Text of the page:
Can a woman ever be a 'mansplainer'?

The concept of mansplaining was born kicking and screaming and covered in mucus into this world because of the age-old injustice and downright piece of poppycock that men are superior to women in just about all ways apart from squeezing milk out of their udders. Everything else, physical strength, intelligence, building IKEA furniture, the fairer sex have just had to sit down and suck it up (with legs neatly crossed). We lose. Now, thankfully most (or at least a significantly large portion of humans) have realised that this idea is essentially bananas. But old habits die hard and unfortunately ‘mansplaining’ still exists alive and well.

I’ll come back to my original question in just a minute, but first I think it’s important to fill you in, dear readers, on my own experiences with ‘mansplaining’ in the traditional sense.

Here I am essentially asking the world... WHY?!

Here I am essentially asking the world... WHY?!

In her essay ‘Men Explain Things to Me’, Rebecca Solnit (whose recent article on the loneliness of Donald Trump is not to be missed) recalls an occasion where a smug and arrogant gentleman attempted to explain a VERY important new book to her that had recently been published. Turns out it was a book that she had written. As the cool kids say … #AWKS. Now unfortunately for the British public, I have never had a book published (but I am open to offers) so the likelihood of me being able to dramatically shut one of these mansplainers down is less likely. But it has happened.

Things that have been mansplained to me:

"What you don’t realise is that the cheese must be taken out of the fridge and left to get to room temperature"

I worked on a deli counter for six years … School me on ANYTHING but cheese.

"I saw that lad giving you a hard time over there, but that’s probably a great learning opportunity for you in how to stick up for yourself." 

Probably the worst one.

"What you should be doing is thinking about how I speak and then trying to replicate that in the article."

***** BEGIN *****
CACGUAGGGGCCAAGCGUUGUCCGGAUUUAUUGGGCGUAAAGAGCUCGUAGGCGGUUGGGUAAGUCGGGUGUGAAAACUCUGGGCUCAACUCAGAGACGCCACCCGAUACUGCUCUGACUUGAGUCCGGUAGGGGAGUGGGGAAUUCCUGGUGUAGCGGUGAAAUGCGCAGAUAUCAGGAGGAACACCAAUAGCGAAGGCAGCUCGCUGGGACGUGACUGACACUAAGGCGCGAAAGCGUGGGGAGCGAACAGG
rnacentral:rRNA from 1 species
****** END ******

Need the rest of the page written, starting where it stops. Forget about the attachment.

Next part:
WOW … I have never thought of that one before.

My collected reactions (interchangeable):

1)  "Ah, right, OK … THANK YOU"

2) * stays silent and blinks in disbelief *

3) Occasionally … "I would like to wait for the dentist in silence please".

The battle I have with myself over this issue is the ratio of mansplaining to subservient reactions by me. Am I allowing the cycle to continue by not stopping the offender in his tracks and saying "Excuse me sir, I respect your opinion but I must point out that I fundamentally disagree". Or should we be alerting people to the act of mansplaining itself by carrying around some sort of comically large and unavoidable game show buzzer that we can sound any time we feel a mansplain coming on? None of these sounds particularly progressive and taking on the blame myself does seem a little bit like a self-fulfilling prophecy.

Now interestingly enough … That last one on my list was by a woman. And I think this is where we can evolve this too-often-hashtagged concept for the greater good. Yes, mansplaining started with inherent and stubborn roots in gender (a lot like dandelions on a patio, you can’t just pull the top off … you need to go deeper to completely gut the bugger), but if we leave it there we run the risk of not allowing a level playing field of conversational collaboration to develop. Fundamentally it comes down to respect. Don’t patronise people. Don’t assume that you know more or they know less until you’ve actually established it. And whatever you’ve got going on between your legs … Just treat people as you would want to be treated. That might sound like I’m going a bit Mary Poppins but I do think it’s that simple.